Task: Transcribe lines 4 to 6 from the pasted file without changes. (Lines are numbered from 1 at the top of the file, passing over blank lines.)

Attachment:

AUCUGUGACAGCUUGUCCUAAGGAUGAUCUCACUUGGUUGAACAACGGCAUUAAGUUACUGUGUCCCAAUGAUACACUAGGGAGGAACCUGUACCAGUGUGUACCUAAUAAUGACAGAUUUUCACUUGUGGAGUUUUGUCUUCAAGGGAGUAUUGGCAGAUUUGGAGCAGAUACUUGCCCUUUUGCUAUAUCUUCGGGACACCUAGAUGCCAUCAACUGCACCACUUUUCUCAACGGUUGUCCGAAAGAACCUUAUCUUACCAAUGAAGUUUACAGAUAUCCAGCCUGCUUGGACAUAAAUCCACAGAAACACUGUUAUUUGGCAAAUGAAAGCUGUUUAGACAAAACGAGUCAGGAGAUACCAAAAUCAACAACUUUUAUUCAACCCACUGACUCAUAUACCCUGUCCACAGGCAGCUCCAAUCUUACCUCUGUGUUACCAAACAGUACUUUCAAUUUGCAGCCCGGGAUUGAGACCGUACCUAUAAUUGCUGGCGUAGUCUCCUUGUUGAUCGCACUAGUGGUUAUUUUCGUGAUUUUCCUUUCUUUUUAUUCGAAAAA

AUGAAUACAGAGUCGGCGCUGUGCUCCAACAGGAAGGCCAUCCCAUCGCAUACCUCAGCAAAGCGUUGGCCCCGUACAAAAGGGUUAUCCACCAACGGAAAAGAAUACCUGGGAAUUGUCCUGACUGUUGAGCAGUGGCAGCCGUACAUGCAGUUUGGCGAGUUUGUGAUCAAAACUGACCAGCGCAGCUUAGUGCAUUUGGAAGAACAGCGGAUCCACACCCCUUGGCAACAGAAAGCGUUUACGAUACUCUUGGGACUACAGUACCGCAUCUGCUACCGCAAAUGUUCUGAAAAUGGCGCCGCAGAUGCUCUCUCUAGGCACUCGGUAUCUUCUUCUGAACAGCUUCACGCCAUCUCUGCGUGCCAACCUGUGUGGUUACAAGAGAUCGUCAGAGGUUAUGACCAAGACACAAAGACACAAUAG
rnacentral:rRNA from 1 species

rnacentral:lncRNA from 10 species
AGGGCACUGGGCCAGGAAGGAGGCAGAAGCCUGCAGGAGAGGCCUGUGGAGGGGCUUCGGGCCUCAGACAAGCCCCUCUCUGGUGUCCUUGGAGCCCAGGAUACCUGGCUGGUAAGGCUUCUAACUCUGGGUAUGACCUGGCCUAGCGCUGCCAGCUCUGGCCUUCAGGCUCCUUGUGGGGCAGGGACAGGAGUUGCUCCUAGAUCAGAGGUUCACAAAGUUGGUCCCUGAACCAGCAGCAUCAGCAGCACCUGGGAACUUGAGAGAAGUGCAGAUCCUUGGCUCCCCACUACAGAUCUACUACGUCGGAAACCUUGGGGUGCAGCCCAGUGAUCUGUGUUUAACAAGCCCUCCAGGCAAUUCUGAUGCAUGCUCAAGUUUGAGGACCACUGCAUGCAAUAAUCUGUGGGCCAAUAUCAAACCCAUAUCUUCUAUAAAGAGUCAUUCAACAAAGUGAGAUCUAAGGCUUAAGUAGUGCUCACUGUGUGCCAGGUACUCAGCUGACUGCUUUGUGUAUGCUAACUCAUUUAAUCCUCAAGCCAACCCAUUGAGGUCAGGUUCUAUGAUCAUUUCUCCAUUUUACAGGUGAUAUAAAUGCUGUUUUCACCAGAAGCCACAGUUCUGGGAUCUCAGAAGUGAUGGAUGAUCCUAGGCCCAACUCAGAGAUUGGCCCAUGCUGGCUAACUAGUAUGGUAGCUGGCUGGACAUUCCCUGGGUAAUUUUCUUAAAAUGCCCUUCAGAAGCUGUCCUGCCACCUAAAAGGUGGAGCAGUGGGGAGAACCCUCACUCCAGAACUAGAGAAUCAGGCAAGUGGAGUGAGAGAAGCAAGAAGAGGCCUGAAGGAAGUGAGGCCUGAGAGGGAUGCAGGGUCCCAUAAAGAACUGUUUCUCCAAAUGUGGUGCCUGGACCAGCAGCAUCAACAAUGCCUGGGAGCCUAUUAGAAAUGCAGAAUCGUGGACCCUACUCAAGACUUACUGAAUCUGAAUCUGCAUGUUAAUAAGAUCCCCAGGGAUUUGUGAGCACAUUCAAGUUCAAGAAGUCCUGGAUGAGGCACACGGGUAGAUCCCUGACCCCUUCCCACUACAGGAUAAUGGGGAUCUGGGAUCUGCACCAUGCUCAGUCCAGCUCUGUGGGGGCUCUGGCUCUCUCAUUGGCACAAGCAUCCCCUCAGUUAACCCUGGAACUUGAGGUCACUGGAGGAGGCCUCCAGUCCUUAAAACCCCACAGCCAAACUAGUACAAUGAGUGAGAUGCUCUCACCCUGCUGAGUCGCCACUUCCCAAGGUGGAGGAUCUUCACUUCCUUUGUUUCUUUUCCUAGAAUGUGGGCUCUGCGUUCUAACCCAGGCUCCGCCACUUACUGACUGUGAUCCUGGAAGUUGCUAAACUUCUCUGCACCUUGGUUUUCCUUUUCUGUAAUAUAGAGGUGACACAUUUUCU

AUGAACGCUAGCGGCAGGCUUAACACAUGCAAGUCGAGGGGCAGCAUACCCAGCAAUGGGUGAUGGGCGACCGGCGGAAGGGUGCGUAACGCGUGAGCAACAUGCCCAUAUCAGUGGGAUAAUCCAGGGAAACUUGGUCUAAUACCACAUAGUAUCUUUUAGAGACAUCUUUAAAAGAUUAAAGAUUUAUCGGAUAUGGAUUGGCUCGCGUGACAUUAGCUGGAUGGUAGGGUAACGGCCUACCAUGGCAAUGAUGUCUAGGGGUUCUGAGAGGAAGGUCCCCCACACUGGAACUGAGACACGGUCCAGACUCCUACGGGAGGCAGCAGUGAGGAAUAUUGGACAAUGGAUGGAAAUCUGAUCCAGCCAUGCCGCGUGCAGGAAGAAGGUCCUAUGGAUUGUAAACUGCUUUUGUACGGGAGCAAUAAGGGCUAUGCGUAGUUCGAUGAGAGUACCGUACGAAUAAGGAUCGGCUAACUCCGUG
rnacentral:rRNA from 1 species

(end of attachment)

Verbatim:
rnacentral:lncRNA from 10 species
AGGGCACUGGGCCAGGAAGGAGGCAGAAGCCUGCAGGAGAGGCCUGUGGAGGGGCUUCGGGCCUCAGACAAGCCCCUCUCUGGUGUCCUUGGAGCCCAGGAUACCUGGCUGGUAAGGCUUCUAACUCUGGGUAUGACCUGGCCUAGCGCUGCCAGCUCUGGCCUUCAGGCUCCUUGUGGGGCAGGGACAGGAGUUGCUCCUAGAUCAGAGGUUCACAAAGUUGGUCCCUGAACCAGCAGCAUCAGCAGCACCUGGGAACUUGAGAGAAGUGCAGAUCCUUGGCUCCCCACUACAGAUCUACUACGUCGGAAACCUUGGGGUGCAGCCCAGUGAUCUGUGUUUAACAAGCCCUCCAGGCAAUUCUGAUGCAUGCUCAAGUUUGAGGACCACUGCAUGCAAUAAUCUGUGGGCCAAUAUCAAACCCAUAUCUUCUAUAAAGAGUCAUUCAACAAAGUGAGAUCUAAGGCUUAAGUAGUGCUCACUGUGUGCCAGGUACUCAGCUGACUGCUUUGUGUAUGCUAACUCAUUUAAUCCUCAAGCCAACCCAUUGAGGUCAGGUUCUAUGAUCAUUUCUCCAUUUUACAGGUGAUAUAAAUGCUGUUUUCACCAGAAGCCACAGUUCUGGGAUCUCAGAAGUGAUGGAUGAUCCUAGGCCCAACUCAGAGAUUGGCCCAUGCUGGCUAACUAGUAUGGUAGCUGGCUGGACAUUCCCUGGGUAAUUUUCUUAAAAUGCCCUUCAGAAGCUGUCCUGCCACCUAAAAGGUGGAGCAGUGGGGAGAACCCUCACUCCAGAACUAGAGAAUCAGGCAAGUGGAGUGAGAGAAGCAAGAAGAGGCCUGAAGGAAGUGAGGCCUGAGAGGGAUGCAGGGUCCCAUAAAGAACUGUUUCUCCAAAUGUGGUGCCUGGACCAGCAGCAUCAACAAUGCCUGGGAGCCUAUUAGAAAUGCAGAAUCGUGGACCCUACUCAAGACUUACUGAAUCUGAAUCUGCAUGUUAAUAAGAUCCCCAGGGAUUUGUGAGCACAUUCAAGUUCAAGAAGUCCUGGAUGAGGCACACGGGUAGAUCCCUGACCCCUUCCCACUACAGGAUAAUGGGGAUCUGGGAUCUGCACCAUGCUCAGUCCAGCUCUGUGGGGGCUCUGGCUCUCUCAUUGGCACAAGCAUCCCCUCAGUUAACCCUGGAACUUGAGGUCACUGGAGGAGGCCUCCAGUCCUUAAAACCCCACAGCCAAACUAGUACAAUGAGUGAGAUGCUCUCACCCUGCUGAGUCGCCACUUCCCAAGGUGGAGGAUCUUCACUUCCUUUGUUUCUUUUCCUAGAAUGUGGGCUCUGCGUUCUAACCCAGGCUCCGCCACUUACUGACUGUGAUCCUGGAAGUUGCUAAACUUCUCUGCACCUUGGUUUUCCUUUUCUGUAAUAUAGAGGUGACACAUUUUCU

AUGAACGCUAGCGGCAGGCUUAACACAUGCAAGUCGAGGGGCAGCAUACCCAGCAAUGGGUGAUGGGCGACCGGCGGAAGGGUGCGUAACGCGUGAGCAACAUGCCCAUAUCAGUGGGAUAAUCCAGGGAAACUUGGUCUAAUACCACAUAGUAUCUUUUAGAGACAUCUUUAAAAGAUUAAAGAUUUAUCGGAUAUGGAUUGGCUCGCGUGACAUUAGCUGGAUGGUAGGGUAACGGCCUACCAUGGCAAUGAUGUCUAGGGGUUCUGAGAGGAAGGUCCCCCACACUGGAACUGAGACACGGUCCAGACUCCUACGGGAGGCAGCAGUGAGGAAUAUUGGACAAUGGAUGGAAAUCUGAUCCAGCCAUGCCGCGUGCAGGAAGAAGGUCCUAUGGAUUGUAAACUGCUUUUGUACGGGAGCAAUAAGGGCUAUGCGUAGUUCGAUGAGAGUACCGUACGAAUAAGGAUCGGCUAACUCCGUG